Occasionally I got to represent a male client in an adultery case. Once a shopkeeper from Chandni Chowk—portly, swarthy but rather lacking in self-confidence—wanted a divorce because his wife was carrying on with his unmarried younger brother. They lived in one happy joint family somewhere in Dariba Kalan. The moment he walked out the door for work, she scampered across to the teenager’s room and they locked themselves in for hours. He had known about the affair for a long time: he came to see me because he could find no way to end it. ‘Doesn’t your family know?’ I asked. Of course they do, he told me. So what do they say? He was crestfallen. They say that if you can’t satisfy your wife, you cannot complain if your brother does. What does your wife say? She says I visit your brother because he makes me happy but I am your wife and it’s your duty to ‘maintain’ me. Doesn’t she recognize that it is wrong for her to sleep with your brother? No, she says all this goes on in other families all the time so what is the problem? Have you told your family that you want a divorce? Yes and they do not approve. What do they say? They say that marriage is a janam janam ka bandhan(a bond that spans lifetimes) which small things should not be able to change. It was culturally insightful stuff, and better than reality TV: better even than pornography!

          It didn’t end well though. I filed the case and we had a couple of hearings. The wife showed up with half of my client’s family supporting her. They didn’t say anything: just stood behind her and glared at my client through the hearing. As far as they were concerned, what went on between husband, wife and brother-in-law was private, whereas washing dirty linen in public humiliated the whole family. They were quite ready to produce six witnesses to say that the wife never visited the guy when the husband was at work. Six months later, he stopped coming. Eventually somebody told the court he had committed suicide.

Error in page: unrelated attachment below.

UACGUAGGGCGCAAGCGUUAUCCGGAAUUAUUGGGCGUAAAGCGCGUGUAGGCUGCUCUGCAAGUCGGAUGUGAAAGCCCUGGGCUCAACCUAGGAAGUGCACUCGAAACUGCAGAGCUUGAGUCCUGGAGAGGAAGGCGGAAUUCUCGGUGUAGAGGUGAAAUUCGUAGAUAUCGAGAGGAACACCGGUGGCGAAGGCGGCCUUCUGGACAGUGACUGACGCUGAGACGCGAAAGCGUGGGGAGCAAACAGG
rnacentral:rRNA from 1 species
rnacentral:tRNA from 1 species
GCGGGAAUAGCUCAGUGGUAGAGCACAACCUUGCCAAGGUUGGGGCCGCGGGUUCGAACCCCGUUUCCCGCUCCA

*  *  *  *  *

         The divorce practice monkey circus had to end sometime. For me, Sharmila was the last one. I guess either the disgust or the self-loathing finally got to me. Sharmila was one of those irresistible self-possessed girls the hotel industry loves to employ. She was beautiful in a characteristically Bong way. She had the curves to launch a thousand Khajuraho temples and her light chocolate skin was clear and smooth as soft clay. She didn’t mince words either. Her husband was a nice guy, no question, but he was a crashing bore. She had been married seven years and she knew exactly what her life would add up to if she didn’t get out right now. Her parents couldn’t comprehend her problem. Her mother-in-law hung on to her skirt and begged her not to do this. Sharmila characterized herself as a very good daughter-in-law, a reasonably exciting wife and an absolute bitch in bed.

         ‘I want to experience life completely, Ranjeev’, she told me candidly. ‘I sleep with who I like, when I like, where I like. And I want this life without strings or guilt.’ In time, she asked about my fees, adding that the hotel industry doesn’t pay well but she liked me, etc. I got her the divorce.